August 7, 2012

Lexicon outside, Oppo inside

This term has always annoyed me:

"You get what you pay for!"

It's the line that people use when justifying spending more where it's not really clear what extra you are getting. Sometimes we fall for the price quality illusion. We instinctively feel that the more expensive product must be better. In many cases, it may have more to do with what the manufacturer knows they can charge.

Today I stumbled across a story I had heard before. One high end manufacturer got caught out when they packaged up a much cheaper Bluray player into a new case, then jacked up the price. The Oppo original cost US $500. Lexicon added $3000 to the price without changing the internals. Whilst this is a blatant example, I'm sure there is a lot more of this going on.

Why does it happen? I believe the main reason is that they can get away with it. The reason they can get away with it is that the performance differences between a $500 and $3500 player are often more imagined than real. If manufacturers were expected to produce a product that is easily recognised as superior and if this were really evaluated properly, this kind of thing would not happen. A manufacturer who tried something like this would get a bad name. I believe modern manufacturing and engineering means that decently transparent devices can be made affordable. Lexicon know that people will pay for their name and their better case.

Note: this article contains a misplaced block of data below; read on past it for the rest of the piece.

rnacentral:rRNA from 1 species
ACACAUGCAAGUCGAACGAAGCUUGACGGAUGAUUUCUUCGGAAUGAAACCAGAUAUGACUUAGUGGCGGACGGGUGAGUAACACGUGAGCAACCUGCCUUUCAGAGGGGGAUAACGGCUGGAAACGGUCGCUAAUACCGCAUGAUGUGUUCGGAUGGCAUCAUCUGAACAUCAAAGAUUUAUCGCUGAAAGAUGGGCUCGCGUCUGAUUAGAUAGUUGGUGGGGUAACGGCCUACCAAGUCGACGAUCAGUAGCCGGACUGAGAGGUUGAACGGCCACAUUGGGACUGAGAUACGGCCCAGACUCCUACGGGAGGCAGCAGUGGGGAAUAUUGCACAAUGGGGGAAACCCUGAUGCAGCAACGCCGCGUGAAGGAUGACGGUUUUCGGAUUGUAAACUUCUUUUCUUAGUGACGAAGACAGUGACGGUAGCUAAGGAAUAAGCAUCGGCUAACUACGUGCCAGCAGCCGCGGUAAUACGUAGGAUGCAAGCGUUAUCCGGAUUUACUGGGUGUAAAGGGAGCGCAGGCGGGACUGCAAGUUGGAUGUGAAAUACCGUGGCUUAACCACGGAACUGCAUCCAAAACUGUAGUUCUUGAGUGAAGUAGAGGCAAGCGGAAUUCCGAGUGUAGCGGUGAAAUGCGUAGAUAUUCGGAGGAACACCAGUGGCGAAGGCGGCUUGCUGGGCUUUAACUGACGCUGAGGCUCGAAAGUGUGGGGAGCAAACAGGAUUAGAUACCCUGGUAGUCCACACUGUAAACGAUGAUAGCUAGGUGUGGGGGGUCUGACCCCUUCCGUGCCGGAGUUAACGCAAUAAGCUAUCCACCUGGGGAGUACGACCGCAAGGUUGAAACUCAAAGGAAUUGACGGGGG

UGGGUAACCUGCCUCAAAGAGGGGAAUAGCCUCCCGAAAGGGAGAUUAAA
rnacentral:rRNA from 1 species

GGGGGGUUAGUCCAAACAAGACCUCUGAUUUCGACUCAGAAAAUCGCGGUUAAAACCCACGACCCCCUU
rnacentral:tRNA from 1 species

So in this case, what are you paying for? You're paying for a nice case. You're paying for their marketing. You're paying for the perception that their name confers better performance. You're paying for staff to think up ways to charge more without actually offering real performance.  

Yep, you get what you pay for ... but that doesn't make it a good buy!

Read about it on Audioholics >

No comments:

Post a Comment

All comments are moderated.